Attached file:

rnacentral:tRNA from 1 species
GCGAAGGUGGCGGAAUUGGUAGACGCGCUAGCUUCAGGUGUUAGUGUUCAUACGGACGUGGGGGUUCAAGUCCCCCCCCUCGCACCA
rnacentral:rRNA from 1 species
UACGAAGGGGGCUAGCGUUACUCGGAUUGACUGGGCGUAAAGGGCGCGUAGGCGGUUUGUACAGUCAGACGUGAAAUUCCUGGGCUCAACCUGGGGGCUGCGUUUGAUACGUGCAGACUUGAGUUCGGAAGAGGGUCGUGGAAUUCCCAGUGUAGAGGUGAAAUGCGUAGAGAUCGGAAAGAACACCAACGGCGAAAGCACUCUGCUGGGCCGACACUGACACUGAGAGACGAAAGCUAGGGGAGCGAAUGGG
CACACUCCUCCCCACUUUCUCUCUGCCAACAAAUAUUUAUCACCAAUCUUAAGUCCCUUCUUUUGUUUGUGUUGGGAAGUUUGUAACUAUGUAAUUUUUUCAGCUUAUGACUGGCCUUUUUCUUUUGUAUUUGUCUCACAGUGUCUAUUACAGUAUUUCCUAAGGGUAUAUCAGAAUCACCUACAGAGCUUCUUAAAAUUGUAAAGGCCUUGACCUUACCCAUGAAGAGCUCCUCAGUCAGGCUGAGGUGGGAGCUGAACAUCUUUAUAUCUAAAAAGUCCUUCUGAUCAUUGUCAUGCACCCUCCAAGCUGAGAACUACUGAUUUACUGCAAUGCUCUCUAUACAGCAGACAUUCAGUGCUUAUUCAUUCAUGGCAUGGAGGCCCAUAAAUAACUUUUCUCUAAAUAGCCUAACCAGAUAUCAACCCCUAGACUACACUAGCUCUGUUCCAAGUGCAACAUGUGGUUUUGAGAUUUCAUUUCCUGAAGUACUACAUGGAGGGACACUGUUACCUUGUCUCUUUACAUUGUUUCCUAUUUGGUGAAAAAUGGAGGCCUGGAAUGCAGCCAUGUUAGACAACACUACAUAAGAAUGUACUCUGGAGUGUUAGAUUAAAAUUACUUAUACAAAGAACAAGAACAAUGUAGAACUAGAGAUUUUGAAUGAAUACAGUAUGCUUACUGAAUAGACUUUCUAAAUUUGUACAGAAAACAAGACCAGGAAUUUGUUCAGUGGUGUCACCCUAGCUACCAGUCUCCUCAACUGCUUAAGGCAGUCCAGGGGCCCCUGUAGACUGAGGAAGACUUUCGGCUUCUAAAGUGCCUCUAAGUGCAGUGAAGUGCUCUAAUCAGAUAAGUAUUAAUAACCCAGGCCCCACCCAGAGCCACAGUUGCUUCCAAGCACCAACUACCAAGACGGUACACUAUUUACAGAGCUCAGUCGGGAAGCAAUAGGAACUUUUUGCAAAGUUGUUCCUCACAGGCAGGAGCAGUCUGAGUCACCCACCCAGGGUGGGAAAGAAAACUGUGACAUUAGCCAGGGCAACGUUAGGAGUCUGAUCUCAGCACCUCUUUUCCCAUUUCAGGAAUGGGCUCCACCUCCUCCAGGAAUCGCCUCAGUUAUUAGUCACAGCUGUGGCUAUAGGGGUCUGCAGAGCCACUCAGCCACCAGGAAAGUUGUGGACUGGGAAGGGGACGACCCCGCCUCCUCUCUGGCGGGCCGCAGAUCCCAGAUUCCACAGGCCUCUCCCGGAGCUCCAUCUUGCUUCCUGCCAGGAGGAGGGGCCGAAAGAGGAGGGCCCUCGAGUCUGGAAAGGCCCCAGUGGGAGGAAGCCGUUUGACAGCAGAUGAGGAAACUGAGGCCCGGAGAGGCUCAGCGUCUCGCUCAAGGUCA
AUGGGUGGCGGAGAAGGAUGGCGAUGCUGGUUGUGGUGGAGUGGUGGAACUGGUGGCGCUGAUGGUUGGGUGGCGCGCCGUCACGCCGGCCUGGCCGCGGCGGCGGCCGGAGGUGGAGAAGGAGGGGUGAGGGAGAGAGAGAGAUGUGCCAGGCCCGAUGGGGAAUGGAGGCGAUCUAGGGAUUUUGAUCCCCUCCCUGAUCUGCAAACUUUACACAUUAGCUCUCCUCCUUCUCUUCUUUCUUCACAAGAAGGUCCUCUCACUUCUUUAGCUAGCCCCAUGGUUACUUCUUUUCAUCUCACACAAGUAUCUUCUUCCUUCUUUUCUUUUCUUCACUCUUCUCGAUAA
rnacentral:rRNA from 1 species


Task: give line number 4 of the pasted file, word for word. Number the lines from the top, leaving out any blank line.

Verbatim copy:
UACGAAGGGGGCUAGCGUUACUCGGAUUGACUGGGCGUAAAGGGCGCGUAGGCGGUUUGUACAGUCAGACGUGAAAUUCCUGGGCUCAACCUGGGGGCUGCGUUUGAUACGUGCAGACUUGAGUUCGGAAGAGGGUCGUGGAAUUCCCAGUGUAGAGGUGAAAUGCGUAGAGAUCGGAAAGAACACCAACGGCGAAAGCACUCUGCUGGGCCGACACUGACACUGAGAGACGAAAGCUAGGGGAGCGAAUGGG